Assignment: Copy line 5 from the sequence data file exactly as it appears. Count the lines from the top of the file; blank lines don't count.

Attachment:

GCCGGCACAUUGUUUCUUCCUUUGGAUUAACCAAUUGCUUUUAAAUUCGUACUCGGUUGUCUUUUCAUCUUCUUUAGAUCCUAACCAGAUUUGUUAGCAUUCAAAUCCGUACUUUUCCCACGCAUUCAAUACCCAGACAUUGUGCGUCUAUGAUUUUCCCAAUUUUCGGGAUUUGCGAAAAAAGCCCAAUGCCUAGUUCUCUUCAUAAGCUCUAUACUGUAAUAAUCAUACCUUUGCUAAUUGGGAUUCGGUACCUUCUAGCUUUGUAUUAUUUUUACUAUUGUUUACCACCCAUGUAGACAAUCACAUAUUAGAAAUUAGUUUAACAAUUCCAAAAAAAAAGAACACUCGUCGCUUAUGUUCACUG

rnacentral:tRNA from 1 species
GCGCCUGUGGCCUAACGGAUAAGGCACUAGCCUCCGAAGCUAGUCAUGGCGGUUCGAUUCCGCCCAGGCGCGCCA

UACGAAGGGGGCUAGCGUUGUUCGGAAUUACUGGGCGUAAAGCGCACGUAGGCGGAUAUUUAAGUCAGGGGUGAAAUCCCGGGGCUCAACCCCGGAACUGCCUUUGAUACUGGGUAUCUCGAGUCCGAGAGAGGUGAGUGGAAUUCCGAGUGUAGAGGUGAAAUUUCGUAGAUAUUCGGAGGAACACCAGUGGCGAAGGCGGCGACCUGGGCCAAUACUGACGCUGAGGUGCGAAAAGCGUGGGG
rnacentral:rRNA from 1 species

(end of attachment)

rnacentral:rRNA from 1 species